Credit may make the world go round, but it has become a complicated system where individuals juggle large balances across a number of sources.
If you’re looking to open your first credit card account or just shopping around for a new one, look for these key terms before you sign on the dotted line:
Introductory offers are often associated with store credit cards. You may wonder why stores are willing to give an extra 15 percent discount in exchange for a credit card application. Usually this one-time discount is used to cover up some incredibly high interest rates down the road. Always check the APR before signing up for a store card for a one-time discount.
Just like stores use an introductory offer, many credit companies will use an introductory APR to attract new customers. Offering no APR until the next year makes getting a credit card seem simple and easy. The catch is that in one year when many customers are carrying a balance, the APR will jump from zero to 20.
For a more realistic idea of what kind of interest rate you’ll be paying, check out a section labeled “long-term APR” or “regular APR.” Many of those excited about the low introductory rate are shocked to see rates varying all the way up to 22 percent, even for those with excellent credit.
Many people swap balances to new cards to receive lower interest rates. While this can be an excellent way to consolidate and save, make sure you read the fine print for any balance transfer fees. Some cards will charge a flat rate to transfer a fee while others will charge a percentage of the transfer amount. Be sure the fees don’t outweigh the reduction in APR.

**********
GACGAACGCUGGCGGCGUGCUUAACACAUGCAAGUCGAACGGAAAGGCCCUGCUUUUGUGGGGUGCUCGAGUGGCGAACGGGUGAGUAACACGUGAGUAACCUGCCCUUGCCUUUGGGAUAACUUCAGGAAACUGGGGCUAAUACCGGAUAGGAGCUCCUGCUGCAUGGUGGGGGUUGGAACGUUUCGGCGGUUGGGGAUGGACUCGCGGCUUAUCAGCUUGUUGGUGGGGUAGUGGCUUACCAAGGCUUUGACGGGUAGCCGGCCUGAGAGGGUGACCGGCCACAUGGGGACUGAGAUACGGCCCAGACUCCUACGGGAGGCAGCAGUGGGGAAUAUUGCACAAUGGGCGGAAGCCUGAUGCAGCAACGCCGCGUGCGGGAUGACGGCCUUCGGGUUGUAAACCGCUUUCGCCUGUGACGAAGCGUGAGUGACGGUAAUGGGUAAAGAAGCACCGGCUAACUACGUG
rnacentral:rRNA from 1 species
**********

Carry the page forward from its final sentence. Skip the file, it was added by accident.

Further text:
Annual fees are a great way for credit companies to ensure they make money off of you even when you aren’t carrying balances. For those looking to build credit wisely with a card, look for low or no annual fees so you won’t be charged even if your balance is zero. It is also important to double check for new fees because if you pay off a card and stop reading the statements while actually incurring a fee every year, you can ruin your credit without even knowing it.
Many credit companies will advertise their lowest rates but not explicitly say that these rates are only available to those with excellent credit scores. If you haven’t built credit or have low credit, be sure you know what the APR will be based on your credit score. The advertised APR may be based on a higher score.
Many consumers are talked into starting a credit card because they think they will be offered great rewards. Signing up for a rewards credit card is typically a bad idea if you are new to credit. Rewards cards typically require higher credit ratings, have higher APRs and many times the rewards come with more stipulations and catches than they’re worth.
Remember that credit cards are used to bridge gaps in your budget and build a credit record of dependability and responsibility, not to get two percent cash back and airline miles you can’t use.
Photo thanks to The Consumerist under a creative commons license from Flickr.